SABC to get R2.1bn portion of bailout
Communications minister says the first tranche will be paid because the broadcaster has met five of the eight preconditions set by the Treasury
Cash-strapped state broadcaster SABC will on Monday receive R2.1bn of the R3.2bn bailout it requested from the government to keep its cameras and microphones on.
Communications and digital technologies minister Stella Ndabeni-Abrahams said in a briefing in Pretoria that the first tranche will be paid as the broadcaster has met five of the eight preconditions set by the Treasury.
Ndabeni-Abrahams said the remaining balance of R1.1bn will be transferred once the public broadcaster fully meets the remaining three outstanding preconditions.
The broke public broadcaster was slapped with a qualified audit opinion for the 2018/2019 financial year. It received a disclaimer the previous financial year, which is the worst possible audit outcome.
The SABC’s annual report tabled in parliament on Monday shows that the broadcaster incurred irregular expenditure of R5.2bn, up from R4.9bn the previous year. This as it faces an uncertain future due to crippling financial challenges.
The five preconditions that have been fully met by the SABC are:
- Determining immediate cash requirements supported by detailed cash flow projections for the next 12-18 months;
- Conducting a thorough investigation into what caused the financial collapse of the SABC and why the previous turnaround plans have not been implemented;
- Providing an update of how the entity is dealing with people implicated in an investigation report;
- Developing a turnaround plan incorporating measures to prevent the re-occurence of the identified factors; and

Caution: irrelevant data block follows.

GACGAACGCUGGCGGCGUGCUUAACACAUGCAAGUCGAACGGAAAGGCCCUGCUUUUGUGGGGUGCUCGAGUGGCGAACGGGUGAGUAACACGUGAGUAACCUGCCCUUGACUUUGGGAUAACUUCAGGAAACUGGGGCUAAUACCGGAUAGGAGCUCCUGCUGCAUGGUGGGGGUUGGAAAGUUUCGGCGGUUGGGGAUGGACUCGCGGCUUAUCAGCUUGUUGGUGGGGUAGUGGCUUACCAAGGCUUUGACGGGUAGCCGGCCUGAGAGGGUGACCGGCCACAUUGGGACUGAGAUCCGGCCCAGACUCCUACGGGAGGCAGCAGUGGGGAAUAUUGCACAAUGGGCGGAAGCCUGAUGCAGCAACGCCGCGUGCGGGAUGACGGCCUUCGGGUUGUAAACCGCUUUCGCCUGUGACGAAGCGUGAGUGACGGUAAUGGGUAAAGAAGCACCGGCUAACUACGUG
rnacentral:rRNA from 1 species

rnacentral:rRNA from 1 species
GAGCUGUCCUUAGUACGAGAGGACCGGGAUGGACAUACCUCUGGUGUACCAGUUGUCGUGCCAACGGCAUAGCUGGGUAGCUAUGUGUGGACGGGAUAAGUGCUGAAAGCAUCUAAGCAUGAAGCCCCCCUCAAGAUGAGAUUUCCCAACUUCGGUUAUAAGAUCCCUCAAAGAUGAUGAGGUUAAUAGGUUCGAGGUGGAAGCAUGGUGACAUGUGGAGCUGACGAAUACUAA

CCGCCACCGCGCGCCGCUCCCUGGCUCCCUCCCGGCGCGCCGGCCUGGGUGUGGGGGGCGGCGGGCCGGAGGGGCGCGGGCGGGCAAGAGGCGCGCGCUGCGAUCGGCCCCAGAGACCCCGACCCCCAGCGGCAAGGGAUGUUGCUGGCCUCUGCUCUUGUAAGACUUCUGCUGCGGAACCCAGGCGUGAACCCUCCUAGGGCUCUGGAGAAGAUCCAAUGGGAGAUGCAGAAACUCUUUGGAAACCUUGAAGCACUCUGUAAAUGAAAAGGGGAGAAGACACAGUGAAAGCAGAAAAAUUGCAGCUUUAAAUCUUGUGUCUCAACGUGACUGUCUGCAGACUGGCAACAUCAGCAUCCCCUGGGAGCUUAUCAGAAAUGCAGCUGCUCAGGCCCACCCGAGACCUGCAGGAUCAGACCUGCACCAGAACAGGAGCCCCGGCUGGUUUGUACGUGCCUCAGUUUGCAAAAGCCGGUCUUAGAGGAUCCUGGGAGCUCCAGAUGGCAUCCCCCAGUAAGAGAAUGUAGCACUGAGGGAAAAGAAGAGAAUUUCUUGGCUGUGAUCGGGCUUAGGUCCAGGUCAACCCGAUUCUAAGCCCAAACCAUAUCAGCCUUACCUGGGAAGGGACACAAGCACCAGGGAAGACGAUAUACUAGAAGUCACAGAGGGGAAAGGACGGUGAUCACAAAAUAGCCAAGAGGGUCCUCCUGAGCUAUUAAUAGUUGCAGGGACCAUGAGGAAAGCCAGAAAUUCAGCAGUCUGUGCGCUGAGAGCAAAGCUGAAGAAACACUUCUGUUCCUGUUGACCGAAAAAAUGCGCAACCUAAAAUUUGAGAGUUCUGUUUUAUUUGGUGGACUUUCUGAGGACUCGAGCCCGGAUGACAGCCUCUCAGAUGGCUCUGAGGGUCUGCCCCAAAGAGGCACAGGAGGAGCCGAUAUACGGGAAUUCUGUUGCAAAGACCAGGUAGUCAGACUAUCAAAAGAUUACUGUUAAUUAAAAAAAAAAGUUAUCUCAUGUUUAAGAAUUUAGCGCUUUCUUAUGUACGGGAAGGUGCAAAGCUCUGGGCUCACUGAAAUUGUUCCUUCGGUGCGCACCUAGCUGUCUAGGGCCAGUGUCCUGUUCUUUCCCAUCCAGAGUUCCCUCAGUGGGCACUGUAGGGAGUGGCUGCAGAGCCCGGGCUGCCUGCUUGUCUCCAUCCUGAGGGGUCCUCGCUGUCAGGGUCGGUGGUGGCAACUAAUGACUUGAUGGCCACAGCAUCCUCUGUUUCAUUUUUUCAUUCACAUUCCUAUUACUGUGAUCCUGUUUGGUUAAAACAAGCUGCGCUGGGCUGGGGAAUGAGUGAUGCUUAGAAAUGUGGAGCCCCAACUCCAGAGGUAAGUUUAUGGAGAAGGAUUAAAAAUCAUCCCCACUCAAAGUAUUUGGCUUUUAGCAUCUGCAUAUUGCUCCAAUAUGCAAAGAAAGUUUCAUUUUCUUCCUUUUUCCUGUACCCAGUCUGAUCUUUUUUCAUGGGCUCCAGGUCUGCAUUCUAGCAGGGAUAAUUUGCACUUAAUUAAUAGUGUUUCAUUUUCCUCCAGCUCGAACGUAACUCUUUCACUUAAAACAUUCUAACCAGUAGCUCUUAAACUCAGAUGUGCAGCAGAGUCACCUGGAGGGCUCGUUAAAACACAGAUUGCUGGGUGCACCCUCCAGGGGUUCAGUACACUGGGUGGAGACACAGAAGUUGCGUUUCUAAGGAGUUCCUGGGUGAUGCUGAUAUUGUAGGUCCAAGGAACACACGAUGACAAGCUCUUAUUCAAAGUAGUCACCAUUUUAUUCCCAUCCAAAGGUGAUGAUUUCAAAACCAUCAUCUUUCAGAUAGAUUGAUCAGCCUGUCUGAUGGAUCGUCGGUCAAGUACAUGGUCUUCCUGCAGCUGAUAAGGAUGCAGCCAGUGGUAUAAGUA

- Submitting a list of identified initiatives for revenue enhancement and cost-cutting initiatives.
The preconditions that are partially met by the SABC include producing separate financial reporting for public and commercial broadcasting services, and identifying noncore assets for disposal to assist with reducing the recapitalisation requirement from government, said Ndabeni-Abrahams.
However, she said the SABC has not met the condition to “develop a comprehensive private sector participation strategy”, which highlights initiatives to be implemented and the net value to be derived from such partnerships.
“However, willingness to work on this condition has been expressly provided and this is welcomed by the two departments,” she said, thanking finance minister Tito Mboweni for his support.
SABC chair Bongumusa Makhathini said the news was “exciting” and that the broadcaster was waiting for this money to fund its turnaround strategy. “At a later stage we will have our own press conference [on the bailout] because this was the minister’s press conference,” he said.
“I want to thank the Treasury, the minister and everyone for making sure we get this R2.1bn.”
He said some of the money will be used to source content and to pay off some of the SABC’s debts.